Venezuela Oil Refinery Faces Challenges

Venezuela Oil Refinery Faces Challenges

At Amuay, this oil-rich country’s largest refinery, workers say they risk toxic-gas exposure as they wait for Petróleos de Venezuela SA, the state energy giant, to replace rusted pumps and corroded pipelines, a process that is taking years.

The 4,000 workers have a tough job. Their daily salaries are equivalent to little more than one U.S. dollar due to Venezuela’s collapsing currency. “We’re the lungs of this country’s economy, but they pay us like we’re the lowest of the low,” said Ivan Freites, who heads a union representing workers at Amuay and an adjacent refinery, Cardón, that make up the world’s second-largest refining complex.

The Paraguaná Peninsula has the potential to process a million barrels of oil daily. But PDVSA is hobbled by serious cash-flow problems, chronic shortages of replacement parts and frequent mishaps that often keep production close to 50% of capacity, union leaders say. In addition, the refinery struggles with rolling blackouts and shortages of products like motor lubricants, which are made here.

There’s also the risk of worker injury. Forty people died in an unexplained blast at Amuay in 2012. Data for the refinery isn’t publicly available, but the oil ministry’s 2014 report shows Venezuela registered 5.32 injuries per one million work hours, compared with an industry average of 0.45 logged by the London-based International Association of Oil and Gas Producers.

The troubles here have made this impoverished oil town emblematic of the Venezuelan petroleum industry’s unfulfilled promises. An oil bonanza supported the country’s Socialist government for more than a decade, but residents now wonder where the money has gone.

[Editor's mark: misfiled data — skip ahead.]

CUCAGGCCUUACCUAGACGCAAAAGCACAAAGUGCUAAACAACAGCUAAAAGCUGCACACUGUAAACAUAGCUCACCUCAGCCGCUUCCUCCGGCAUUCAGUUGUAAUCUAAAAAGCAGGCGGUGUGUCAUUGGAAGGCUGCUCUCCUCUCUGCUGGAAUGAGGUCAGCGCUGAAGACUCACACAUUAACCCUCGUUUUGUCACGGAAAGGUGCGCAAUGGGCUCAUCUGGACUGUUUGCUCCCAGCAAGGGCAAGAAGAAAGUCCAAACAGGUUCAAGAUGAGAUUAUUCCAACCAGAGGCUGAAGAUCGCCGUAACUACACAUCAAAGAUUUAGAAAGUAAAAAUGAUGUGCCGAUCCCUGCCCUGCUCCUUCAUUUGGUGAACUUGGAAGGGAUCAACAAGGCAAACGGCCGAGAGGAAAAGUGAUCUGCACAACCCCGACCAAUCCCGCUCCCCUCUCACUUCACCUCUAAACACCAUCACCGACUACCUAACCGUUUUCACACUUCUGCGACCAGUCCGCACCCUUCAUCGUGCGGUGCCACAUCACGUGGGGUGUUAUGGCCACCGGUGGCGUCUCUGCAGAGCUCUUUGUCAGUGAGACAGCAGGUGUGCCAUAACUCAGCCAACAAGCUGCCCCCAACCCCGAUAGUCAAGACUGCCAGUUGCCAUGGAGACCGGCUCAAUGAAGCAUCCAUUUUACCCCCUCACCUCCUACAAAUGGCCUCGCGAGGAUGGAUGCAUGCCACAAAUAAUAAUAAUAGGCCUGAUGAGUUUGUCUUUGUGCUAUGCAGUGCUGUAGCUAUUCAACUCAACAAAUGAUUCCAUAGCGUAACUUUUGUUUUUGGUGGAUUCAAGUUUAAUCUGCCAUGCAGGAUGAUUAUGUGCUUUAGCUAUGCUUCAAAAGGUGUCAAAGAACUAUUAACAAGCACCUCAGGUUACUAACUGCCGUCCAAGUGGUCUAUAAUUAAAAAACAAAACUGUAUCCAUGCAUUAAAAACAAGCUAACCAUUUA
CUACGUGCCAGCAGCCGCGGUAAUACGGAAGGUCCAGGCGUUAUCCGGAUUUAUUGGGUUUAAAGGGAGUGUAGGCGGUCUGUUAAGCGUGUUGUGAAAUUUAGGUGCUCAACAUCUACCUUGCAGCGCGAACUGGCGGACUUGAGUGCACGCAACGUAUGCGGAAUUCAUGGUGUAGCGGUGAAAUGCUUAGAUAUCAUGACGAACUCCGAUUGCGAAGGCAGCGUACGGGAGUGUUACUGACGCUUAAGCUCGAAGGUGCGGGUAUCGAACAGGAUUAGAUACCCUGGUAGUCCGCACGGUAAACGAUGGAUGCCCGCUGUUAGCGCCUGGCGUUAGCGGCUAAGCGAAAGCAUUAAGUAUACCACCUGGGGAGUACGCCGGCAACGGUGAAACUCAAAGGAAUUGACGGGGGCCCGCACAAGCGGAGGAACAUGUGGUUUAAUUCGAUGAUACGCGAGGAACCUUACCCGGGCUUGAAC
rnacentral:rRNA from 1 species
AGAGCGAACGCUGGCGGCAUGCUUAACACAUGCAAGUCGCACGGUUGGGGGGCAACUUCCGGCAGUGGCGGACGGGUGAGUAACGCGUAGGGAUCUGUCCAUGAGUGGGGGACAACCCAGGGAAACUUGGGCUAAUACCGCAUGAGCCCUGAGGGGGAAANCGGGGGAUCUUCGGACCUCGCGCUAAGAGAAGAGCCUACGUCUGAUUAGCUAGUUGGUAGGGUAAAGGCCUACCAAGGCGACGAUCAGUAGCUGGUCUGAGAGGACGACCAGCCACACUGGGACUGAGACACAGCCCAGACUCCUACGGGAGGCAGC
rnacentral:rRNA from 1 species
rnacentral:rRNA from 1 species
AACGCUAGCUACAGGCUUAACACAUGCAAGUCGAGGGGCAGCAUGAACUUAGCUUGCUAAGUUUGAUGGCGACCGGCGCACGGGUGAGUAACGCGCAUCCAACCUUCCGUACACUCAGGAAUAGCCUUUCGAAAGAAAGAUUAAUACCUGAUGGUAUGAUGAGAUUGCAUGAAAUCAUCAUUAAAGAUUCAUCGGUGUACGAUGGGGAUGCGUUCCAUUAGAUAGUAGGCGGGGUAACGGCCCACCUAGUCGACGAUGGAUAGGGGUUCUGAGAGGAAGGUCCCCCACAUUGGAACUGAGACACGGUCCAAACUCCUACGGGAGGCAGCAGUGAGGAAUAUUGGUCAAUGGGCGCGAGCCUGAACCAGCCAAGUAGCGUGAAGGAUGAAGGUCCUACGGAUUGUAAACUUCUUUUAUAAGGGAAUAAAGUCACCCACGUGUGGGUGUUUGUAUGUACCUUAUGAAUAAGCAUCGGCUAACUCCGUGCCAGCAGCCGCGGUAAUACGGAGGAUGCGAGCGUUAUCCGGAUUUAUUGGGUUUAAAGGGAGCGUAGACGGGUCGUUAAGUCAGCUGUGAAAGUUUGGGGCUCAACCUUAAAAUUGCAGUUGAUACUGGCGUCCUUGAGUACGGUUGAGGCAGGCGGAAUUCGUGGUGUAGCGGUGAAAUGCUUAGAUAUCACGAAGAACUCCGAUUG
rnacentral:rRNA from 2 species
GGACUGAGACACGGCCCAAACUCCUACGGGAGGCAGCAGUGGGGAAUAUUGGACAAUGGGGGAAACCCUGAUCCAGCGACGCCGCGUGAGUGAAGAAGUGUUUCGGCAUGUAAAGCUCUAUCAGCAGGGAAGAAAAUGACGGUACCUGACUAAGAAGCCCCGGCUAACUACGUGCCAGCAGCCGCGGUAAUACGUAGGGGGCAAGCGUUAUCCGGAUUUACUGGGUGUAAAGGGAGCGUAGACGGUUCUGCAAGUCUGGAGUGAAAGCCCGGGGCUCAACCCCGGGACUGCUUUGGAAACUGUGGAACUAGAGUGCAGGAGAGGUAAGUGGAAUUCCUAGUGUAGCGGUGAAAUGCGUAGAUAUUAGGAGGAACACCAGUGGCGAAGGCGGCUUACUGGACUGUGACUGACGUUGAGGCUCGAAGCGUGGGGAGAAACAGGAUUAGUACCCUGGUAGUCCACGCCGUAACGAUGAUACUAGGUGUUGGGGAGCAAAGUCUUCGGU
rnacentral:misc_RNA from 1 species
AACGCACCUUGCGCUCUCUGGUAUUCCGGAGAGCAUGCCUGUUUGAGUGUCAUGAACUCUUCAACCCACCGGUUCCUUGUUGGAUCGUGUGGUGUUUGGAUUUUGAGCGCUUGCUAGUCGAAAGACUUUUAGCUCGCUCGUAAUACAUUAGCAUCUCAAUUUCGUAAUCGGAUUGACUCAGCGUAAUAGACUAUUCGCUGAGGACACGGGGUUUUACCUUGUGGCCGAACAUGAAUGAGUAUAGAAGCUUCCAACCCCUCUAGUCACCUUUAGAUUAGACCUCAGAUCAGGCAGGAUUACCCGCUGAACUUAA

After working for PDVSA for nearly two decades, 52-year-old José Rodríguez’s last job as a maintenance contractor at Amuay ended two years ago. He started driving a taxi, earning several times more money. “Working in the refinery wasn’t worth the risk,” said Mr. Rodríguez, who has chemical burns on his hands and arms from his work at PDVSA.

But Venezuela’s triple-digit inflation and car-part shortages derailed Mr. Rodríguez’s plan B. Unable to buy or find spare parts, he retired his old jalopy earlier this year. A friend now lends him a boat to fish. “It’s what I have to do so we can eat.” Mr. Rodríguez explained.

Fishing in the shadow of Amuay also has risks, though. In late October, a refinery pipeline exploded, sending oil into the waters of the adjacent bay and threatening some 20 miles of coast line, plus the livelihoods of some 500 fishermen. The spill was soon cleaned up, but it left residents bitter.

“I would say PDVSA has been more of a curse for this community than a blessing,” said Esteban Sánchez, a 69-year-old environmental activist. “Here we are trying to make a living by doing something not related to the oil business, and PDVSA ruins it.” PDVSA officials didn’t respond to requests for comment on complaints from residents and workers.

The October spill was the start of a calamitous series of events for Amuay as power failures and technical problems reduced its capacity to produce essentials like gasoline. “It was like watching dominos fall,” recalled Mr. Freites.

As accidents and power outages mounted in late 2014, Venezuela purchased nearly 1.3 million barrels of gasoline from the U.S., the most since the deadly gas-leak blast at Amuay three years ago, U.S. Energy Information Administration data shows.

In Venezuela’s refining capital, it wasn’t a surprise the country with the world’s largest proven crude reserves was forced to buy fuel from its sworn ideological foe. In interviews, 10 active refinery workers living in Paraguaná described a situation of low morale amid deteriorating working conditions.

In the collective labor contract for its 122,000 employees, PDVSA guaranteed the replacement of security equipment like masks, helmets and boots every three months. It hasn’t happened, said José Bodas, another union leader.

The company also hasn’t renewed its workers’ contracts since the last one expired in October 2013, and it remains in a dispute with workers who say their salaries are supposed to keep up with inflation.

“What’s happening is that many of the experienced professionals are leaving or seeking early retirement,” said Mr. Freites, “and the company is filling their spots with people with very little experience.”


Source: Wall Street Journal


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